Higher education heretic, social innovation junkie, Arsenal saddo.
There’s been considerable uncertainty about the ways in which the so-called “Big Society” connects up to a broader political economic stance during the “age of austerity”. There is a simplistic account of the relationship which goes something like this: the government has launched an ideological war on the state, and expects the third sector to do the job of the public sector at a fraction of the cost to taxpayers.
While this is a seductive narrative for the Old Left, and is not entirely inaccurate, it doesn’t capture wider trends in the reconfiguration of the state – trends which predate New Conservatism and extend beyond New Labour to the retraction of welfarism under Thatcher. What is novel is that the social investment state has evolved to a point where the government has become less concerned with supporting specific organisations, or even sectors, but with facilitating specific economic, social and environmental outcomes, regardless of who produces them. These ideas are to some extent crystallised in the RSA’s social productivity framework.
In these series of posts, I’ll be sketching four key features in the role of the “social investment state”: as a co-investor in social enterprise, as a legislative facilitator of social investment, as an enabler of business practices in the third sector, and as a provider of research and ideas. I focus on the first two here.
The state as a co-investor
With the advent of Big Society Capital the government has set its stall out very clearly. It will not lend directly to social enterprises or charities, but will do so through intermediaries – Social Investment Finance Intermediaries (SIFIs). The government recognises it has neither the bureaucratic means nor market intelligence to make the sheer volume of investment decisions to grow the social economy, so it has wisely delegated these responsibilities to SIFIs like Triodos Bank, CAFVenturesome, Big Issue Invest, Charity Bank, and others.
Primarily, the government has imagined BSC’s role to be one of a co-investor, able to operate to plug investment gaps by playing the role of a cornerstone (first in) or capstone (last in) investor. It also has other objectives, however: to build the size, scale and diversity of the social investment market through capitalisation to enable SIFIs to leverage private investment and to provide working capital to pilot new investment products for the social economy. Rather than supporting the growth of the social enterprise sector, BSC is focussed on the development of the social investment market, and in particular, on the scope for an injection of patient or ‘soft’ capital in to the market.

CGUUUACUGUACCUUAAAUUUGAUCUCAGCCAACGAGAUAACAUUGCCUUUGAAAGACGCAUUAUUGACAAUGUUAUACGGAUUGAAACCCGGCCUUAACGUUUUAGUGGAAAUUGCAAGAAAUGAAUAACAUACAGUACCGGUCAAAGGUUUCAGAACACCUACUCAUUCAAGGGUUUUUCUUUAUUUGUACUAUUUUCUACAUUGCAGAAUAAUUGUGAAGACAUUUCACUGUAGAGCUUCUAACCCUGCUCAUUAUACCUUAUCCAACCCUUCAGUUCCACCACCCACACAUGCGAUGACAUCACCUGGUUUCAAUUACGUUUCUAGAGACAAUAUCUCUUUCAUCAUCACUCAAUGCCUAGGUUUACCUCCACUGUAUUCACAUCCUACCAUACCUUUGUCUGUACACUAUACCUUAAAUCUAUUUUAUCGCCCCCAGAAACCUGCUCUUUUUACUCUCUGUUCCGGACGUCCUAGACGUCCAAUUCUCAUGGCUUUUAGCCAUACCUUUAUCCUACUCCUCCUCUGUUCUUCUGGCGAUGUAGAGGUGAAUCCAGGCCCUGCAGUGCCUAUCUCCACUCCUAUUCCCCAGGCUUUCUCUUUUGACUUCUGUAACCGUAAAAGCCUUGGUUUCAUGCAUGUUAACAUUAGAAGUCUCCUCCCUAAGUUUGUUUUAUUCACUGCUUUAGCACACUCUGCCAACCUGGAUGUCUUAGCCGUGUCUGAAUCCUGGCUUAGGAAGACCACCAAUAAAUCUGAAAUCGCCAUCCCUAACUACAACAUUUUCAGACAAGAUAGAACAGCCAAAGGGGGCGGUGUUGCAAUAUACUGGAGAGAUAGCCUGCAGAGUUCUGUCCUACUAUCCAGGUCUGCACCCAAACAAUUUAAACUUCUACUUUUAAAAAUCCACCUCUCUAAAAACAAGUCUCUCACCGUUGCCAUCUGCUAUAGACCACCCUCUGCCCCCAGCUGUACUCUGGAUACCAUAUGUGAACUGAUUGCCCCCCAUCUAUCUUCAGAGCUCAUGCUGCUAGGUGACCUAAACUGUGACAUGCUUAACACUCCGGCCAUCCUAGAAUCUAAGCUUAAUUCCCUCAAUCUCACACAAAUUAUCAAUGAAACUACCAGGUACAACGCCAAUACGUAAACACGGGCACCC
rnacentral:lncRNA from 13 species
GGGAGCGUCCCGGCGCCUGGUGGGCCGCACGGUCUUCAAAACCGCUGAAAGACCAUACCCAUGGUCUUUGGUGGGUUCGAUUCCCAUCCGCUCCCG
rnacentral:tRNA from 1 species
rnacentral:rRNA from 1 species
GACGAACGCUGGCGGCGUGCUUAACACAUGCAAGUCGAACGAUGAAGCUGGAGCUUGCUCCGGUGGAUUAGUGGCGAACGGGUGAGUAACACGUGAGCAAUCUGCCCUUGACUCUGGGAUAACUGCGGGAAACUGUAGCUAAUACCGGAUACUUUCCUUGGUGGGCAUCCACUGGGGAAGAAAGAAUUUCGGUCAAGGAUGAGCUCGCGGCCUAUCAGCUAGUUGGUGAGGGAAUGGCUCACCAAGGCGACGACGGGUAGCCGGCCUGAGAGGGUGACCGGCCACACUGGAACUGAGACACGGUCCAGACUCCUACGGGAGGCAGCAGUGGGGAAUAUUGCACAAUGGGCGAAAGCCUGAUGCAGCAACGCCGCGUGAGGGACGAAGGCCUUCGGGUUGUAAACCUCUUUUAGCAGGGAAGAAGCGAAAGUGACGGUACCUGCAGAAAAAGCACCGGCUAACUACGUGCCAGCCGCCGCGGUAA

This role is vital given the identification by a number of organisations, from New Philanthropy Capital to the Office of the Third Sector itself, that the social investment market is hindered by a paucity of patient capital able to tolerate sub-market returns over a sustained period of time. BSC’s willingness to go in as a cornerstone and capstone investor (as it already has with ThinkForward Social Impact Ltd and the Community Generation Fund, among others) will be crucial to stimulating investment, as will arrangements which see it taking differentiated returns to offer greater confidence to other investors, and acting as a guarantor to secure repayments.
Unless the government is willing to send positive market signals through these potentially loss-making or marginal return co-investment practices it will struggle to grow in size and meet the investment needs of the social economy.
The state as a legislative facilitator
Another area where the state has a pivotal role to play is in regards to legislative measures to facilitate investment. To date this has predominantly taken the form of the Community Investment Tax Relief (CITR). This gives investors in Community Development Finance Institutions (CDFIs) tax relief to the equivalent of 5% of the amount invested each year, up to a maximum of 5 years. This year, however, the government introduced proposals to cap CITR to #50,000 (or a quarter of income, whichever is higher). While the NCVO has claimed the move will do “untold damage” to the social sector, Big Society Capital has been less concerned. Given that CITR has stimulated less than 10% of the investment in CDFIs over the past 10 years this might not be the blow some commentators have claimed. Despite that, the inclusion of CITR on the cap on tax relief is perplexing given the government’s avowed commitment to social investment and has been the source of dissent within the ranks of the coalition government.
In the next post in this series I will focus on the role of the social investment state in making social ventures investor-ready and building the market through research and the provision of impact evaluation tools.
If you’d like more information or more detailed analysis on all or any of these individual themes, please contact me at P.Pathak@soton.ac.uk. I am currently available for expert consultancy and media work. Fuller explanations will be made in my next book, titled Social Investment Made Simple and due for publication in 2013.